Tag Archives: video art


13 Jan

In this case creativity should really be spelled with a K, for K Hole. I was reminded of this great film by Becky Sloan and Joseph Pelling because their new one (below) has already gone super-viral too. It’s a mordant comment on the way our culture festishises creativity– as part of modern child rearing and pedagogy, as an adult lifestyle choice, as a tool for social improvement– while reviling anybody who is genuinely and totally creative because real creativity is sometimes dark and messy and unnerving, and it doesn’t reliably arrive on schedule or under budget. Or something. If you ever thought Sesame Street needed a bit more ontological horror, these videos are for you. You should also try watching Fraggle Rock as an adult. Seriously, that shit is morbid.

Creativity really is a beautiful pie full of raw guts.


22 Mar


“My art has been commended as being strongly vaginal, which bothers some men. The word itself makes some men uncomfortable. Vagina. Yes, they don’t like hearing it and find it difficult to say, whereas without batting an eye a man will refer to his dick or his rod or his ‘Johnson’.” Maude Lebowski

You don’t need me to tell you that the Coen Brothers’ film The Big Lebowski is a classic; just ask the internet. It’s also remarkable for having two painfully accurate satires of contemporary artists in it. The art talk and Julianne Moore’s mid-Atlantic Sylvia Plath drawl, geometric hair and snotty attitude are all perfectly observed, and hilarious. In fact there’s three painfully accurate satires of contemporary artists if you count The Dude’s landlord Marty and his almost entirely unattended vanity premiere of a self-devised interpretative dance/performance art piece to Mussorgsky in a “nude” bodystocking and plastic vines. I’m sure many of us art lovers have been to those shows and regretted it.


Continue reading


28 Dec


… are just two of things that happen when Kanye West decides he’s a video artist and makes a seven screen installation to be shown in Cannes. Well, in a tent in a car park in Cannes. Naughty Kanye isn’t the first and nor will he be the last artist to massage their CV by claiming more approval, imprimatur and enthusiasm for his work than actually exists. Like those artists, he’s probably gambling (and he’s probably right) that people will notice “Cannes” first then skip all subsequent processing.

A ridiculous Muppet... and some kind of pig thing?

A ridiculous Muppet… and some kind of pig glove puppet thing that isn’t Kanye West? (IMAGE UNRELATED TO KANYE WEST’S VIDEO INSTALLATION.)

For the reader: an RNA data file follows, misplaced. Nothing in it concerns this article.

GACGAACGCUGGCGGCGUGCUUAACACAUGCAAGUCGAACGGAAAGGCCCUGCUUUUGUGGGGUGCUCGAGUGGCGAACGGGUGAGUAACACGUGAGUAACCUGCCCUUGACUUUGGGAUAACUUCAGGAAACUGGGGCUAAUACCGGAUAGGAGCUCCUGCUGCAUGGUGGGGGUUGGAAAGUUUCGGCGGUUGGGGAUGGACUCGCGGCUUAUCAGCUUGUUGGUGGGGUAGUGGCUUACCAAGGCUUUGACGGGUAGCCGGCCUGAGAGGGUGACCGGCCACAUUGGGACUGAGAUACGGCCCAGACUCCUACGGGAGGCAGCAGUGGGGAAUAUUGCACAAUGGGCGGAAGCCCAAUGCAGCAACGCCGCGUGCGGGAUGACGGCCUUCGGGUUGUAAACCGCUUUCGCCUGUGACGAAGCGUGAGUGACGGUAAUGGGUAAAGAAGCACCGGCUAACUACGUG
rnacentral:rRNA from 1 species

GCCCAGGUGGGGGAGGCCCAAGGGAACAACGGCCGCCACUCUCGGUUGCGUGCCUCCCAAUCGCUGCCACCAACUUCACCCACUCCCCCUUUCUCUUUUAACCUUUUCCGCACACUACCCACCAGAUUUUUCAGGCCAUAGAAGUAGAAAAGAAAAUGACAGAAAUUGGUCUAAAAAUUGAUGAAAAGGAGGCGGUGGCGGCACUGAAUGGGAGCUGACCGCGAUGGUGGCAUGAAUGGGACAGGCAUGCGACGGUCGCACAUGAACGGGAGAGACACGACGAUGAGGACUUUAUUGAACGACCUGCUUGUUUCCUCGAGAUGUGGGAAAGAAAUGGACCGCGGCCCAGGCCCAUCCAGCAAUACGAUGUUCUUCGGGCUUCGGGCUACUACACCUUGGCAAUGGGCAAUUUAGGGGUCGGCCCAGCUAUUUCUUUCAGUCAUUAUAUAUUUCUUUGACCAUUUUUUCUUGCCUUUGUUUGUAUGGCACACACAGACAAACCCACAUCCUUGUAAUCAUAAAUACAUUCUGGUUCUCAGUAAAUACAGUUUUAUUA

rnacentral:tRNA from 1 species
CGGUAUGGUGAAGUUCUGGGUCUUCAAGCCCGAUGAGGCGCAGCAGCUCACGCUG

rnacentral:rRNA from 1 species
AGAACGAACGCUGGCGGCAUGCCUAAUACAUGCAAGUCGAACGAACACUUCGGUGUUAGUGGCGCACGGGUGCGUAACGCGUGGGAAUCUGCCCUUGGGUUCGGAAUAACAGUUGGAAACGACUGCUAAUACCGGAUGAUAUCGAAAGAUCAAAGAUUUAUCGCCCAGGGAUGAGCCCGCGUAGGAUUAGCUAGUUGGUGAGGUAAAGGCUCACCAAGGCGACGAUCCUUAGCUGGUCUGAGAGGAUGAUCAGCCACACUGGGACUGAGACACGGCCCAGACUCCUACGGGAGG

Continue reading


19 Oct


Dozens of furtive, objectifying, fetishistic pictures taken of women in public places without their knowledge or consent apparently constitutes an art exhibition to some people. Except when they’re on Reddit in the currently super-controversial Creepshots (i.e. the place where men post furtive, objectifying, fetishistic pictures taken of women in public places without their knowledge or consent) in which case they’re just weird fapping material for a few, but exceedingly problematic and distasteful to nearly everybody else. I will again state my belief that not everything an artist does is necessarily art, even if they themselves claim it as such. I will also recommend not looking at the parts of Reddit where things like Creepshots– and far, far worse– are nurtured and validated.

This exhibition at Artinfo/Modern Painters oligarch Louise Blouin’s art space in west London– in the contemporary silo gallery style, and therefore consisting mostly of white paint, cavernous wasted space and the flinty eyes of sullen gallery maids peeping out above oppressively high white cuboids– was presumably in the pipeline long before Marker snuffed it earlier this year. But one can’t help thinking that Passengers (AKA Creepshots) being flagged as his last work possibly indicates that if he’d lived he might have had the sense to think again about showing work that could literally be printouts from Reddit, both in terms of subject matter and the (very low) quality of the images themselves. There’s also some truly horrible Photoshop work to be seen on the prints of images he took in North Korea in the 50s; pretty clearly, he didn’t ‘shop them during the Korean War, so again somebody seems to have been making bad decisions on behalf of an artist who’s obviously no longer in a position to police how his work gets shown.